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Pro-union conservatives are trying to take over the Republican Party. Oren Cass is leading the way.

Oren Cass is a pro-union conservative. If such a thing sounds strange to you, you’re not alone. We’re used to thinking about the Democratic Party as representing the working class, while Republicans are better known for tax cuts for the wealthy and free-market economic policies that hurt laborers.

But the data suggest a more complicated picture. The 2020 election provided the most recent evidence of an educational partisan divide: 63% of white voters without a college degree cast a ballot for President Trump, according to exit polls, while Vice President Joe Biden made headway with college-educated whites in crucial battleground states like Wisconsin, Pennsylvania, and even Georgia, where affluent and highly educated suburban voters flipped the state blue for the first time in three decades.

Oren Cass

Oren Cass

For a while now, Republicans have been increasing their share of the working-class vote — more through default than anything else. But Cass is part of a small yet growing cohort of conservatives seeking to give that default intellectual and moral heft.

A former adviser to Sen. Mitt Romney of Utah, Cass, 37, was a senior fellow at the Manhattan Institute, before founding his own organization, American Compass, earlier this year. Cass’s 2018 book, “The Once and Future Worker,” argued that a strong labor market was crucial to supporting strong families and communities. He followed it up with a recent OpEd in the Wall Street Journal headlined “America Needs a Conservative Labor Movement.” He lives in the Berkshire Hills of western Massachusetts with his wife and three young children.

We spoke on the phone last week. This interview has been condensed and edited for clarity.

A lot of people don’t identify labor unions as a value for an American conservative. Do you see yourself as embodying a tradition of conservatism, or inventing a new one?

It’s a great question. To the man on the street in America, if you ask, “Tell me what’s conservative,” it would be tax cuts, small government, spending cuts, deregulation, free trade. But there’s nothing necessarily conservative about any of that.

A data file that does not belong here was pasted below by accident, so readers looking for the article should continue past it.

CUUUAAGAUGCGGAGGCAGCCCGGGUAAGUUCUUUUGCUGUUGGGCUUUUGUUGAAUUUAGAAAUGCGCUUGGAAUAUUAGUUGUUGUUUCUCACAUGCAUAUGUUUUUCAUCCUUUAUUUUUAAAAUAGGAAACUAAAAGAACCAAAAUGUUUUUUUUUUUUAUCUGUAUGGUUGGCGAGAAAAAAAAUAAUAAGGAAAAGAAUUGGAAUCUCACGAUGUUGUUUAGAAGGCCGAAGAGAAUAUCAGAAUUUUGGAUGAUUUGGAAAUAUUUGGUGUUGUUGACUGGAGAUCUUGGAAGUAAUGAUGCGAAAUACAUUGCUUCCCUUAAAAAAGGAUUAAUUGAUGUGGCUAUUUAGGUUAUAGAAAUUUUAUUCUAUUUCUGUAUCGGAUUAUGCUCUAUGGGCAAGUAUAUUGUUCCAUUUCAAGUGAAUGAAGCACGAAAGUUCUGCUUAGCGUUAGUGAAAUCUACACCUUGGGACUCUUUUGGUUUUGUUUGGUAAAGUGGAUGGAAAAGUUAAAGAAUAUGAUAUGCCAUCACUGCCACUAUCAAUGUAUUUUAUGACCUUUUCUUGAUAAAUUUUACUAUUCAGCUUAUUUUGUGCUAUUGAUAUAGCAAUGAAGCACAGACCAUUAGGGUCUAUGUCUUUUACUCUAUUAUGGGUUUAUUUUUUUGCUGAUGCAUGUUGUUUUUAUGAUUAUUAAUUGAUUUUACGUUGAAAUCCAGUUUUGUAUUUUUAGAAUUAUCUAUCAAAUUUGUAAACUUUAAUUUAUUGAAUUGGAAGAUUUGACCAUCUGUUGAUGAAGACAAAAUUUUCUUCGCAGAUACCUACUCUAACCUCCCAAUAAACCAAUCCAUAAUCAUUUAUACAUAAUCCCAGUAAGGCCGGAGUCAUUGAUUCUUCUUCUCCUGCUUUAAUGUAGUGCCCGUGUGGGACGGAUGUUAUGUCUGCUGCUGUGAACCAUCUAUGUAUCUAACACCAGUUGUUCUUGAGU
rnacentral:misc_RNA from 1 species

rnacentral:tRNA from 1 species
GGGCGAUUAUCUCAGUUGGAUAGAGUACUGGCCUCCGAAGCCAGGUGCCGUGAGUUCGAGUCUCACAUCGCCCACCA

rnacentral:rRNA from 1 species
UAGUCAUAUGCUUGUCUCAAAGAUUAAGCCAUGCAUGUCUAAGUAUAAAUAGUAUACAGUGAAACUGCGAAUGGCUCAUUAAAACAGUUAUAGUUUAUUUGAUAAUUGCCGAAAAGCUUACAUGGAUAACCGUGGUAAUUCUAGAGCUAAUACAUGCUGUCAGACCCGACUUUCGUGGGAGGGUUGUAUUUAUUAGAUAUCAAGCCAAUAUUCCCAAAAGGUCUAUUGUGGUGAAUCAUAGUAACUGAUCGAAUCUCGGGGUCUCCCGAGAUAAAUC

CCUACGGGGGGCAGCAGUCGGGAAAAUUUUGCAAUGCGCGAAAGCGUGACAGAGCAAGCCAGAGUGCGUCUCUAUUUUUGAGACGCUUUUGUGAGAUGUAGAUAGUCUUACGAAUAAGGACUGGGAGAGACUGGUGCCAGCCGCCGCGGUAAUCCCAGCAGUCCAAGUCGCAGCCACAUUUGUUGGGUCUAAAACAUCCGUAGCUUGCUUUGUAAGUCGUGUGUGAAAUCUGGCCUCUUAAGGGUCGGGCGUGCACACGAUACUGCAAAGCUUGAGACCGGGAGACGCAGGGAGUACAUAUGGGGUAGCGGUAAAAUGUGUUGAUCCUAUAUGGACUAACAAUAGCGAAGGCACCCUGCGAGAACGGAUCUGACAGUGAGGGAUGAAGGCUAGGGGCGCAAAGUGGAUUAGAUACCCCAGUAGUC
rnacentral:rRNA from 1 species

Conservatism gives more weight to tradition, to institutions, to recognizing that what we have achieved as a civilization, as a nation, is incredibly fragile, and we should be grateful for what we have and be wary about thinking we can just break it up and build something better.

During the period from the 1960s to the 1980s, American conservatives were in a very strong alliance with libertarians and Cold War hawks. It was extremely successful and led to victory in the Cold War. But that political coalition we came to take for granted as what conservative should mean in all times and all places, and people continue going back to that playbook, even if those are not the right plays for the challenges that we now face.

An especially obvious example of this is with the Covid-19 pandemic. Looking at how Republicans responded, what you saw from the White House economic advisers, what you saw from a lot of folks in the Senate, was basically just trying to figure out which tax cut is the one you’re supposed to call for in a pandemic.

Then you saw a smaller but very energetic, influential group — Marco Rubio, Josh Hawley, Tom Cotton, and Mitt Romney — all of whom are very conservative, who said, “Let’s think about how we as conservatives should address this problem,” and came up with a lot of really good ideas and were instrumental in the CARES Act and in developing a response.

When you ask, “What do conservatives think about organized labor?” the way we tend to understand that question is, “What did the Ronald Reagan coalition want to do about labor? And how does the Republican Political Party feel about labor?” The answer to that is, they’re very anti-union!

But if you start out asking, “How should conservatives actually feel about the idea of organized labor, the idea of workers coming together, forming organizations, having collective representation and power in the labor market and the workplace?” — conservatives should be very, very interested in that.

If we are to have markets generating good outcomes and generating prosperity widely, you should want workers to have power and representation in the labor market. You should want workers and employers meeting on a level playing field and workers to have a way to make sure that they receive as large a share as they can of the fruits of their labor, just as employers have many mechanisms at their disposal to ensure that they capture as much of the fruits of their investment as they can.

So on one side you have the lefty point of view, which has very little belief in individual agency or power, so it wants the government to protect workers. And on the other side you have the Republican view that doesn’t recognize any power disparities and says everything should be about personal responsibility and bootstrapping. But you’re coming in and saying: I share the belief in individual agency and empowerment, but there’s a flaw there that needs rectifying – not by government but at some intermediary institutional level that would build society up from the bottom.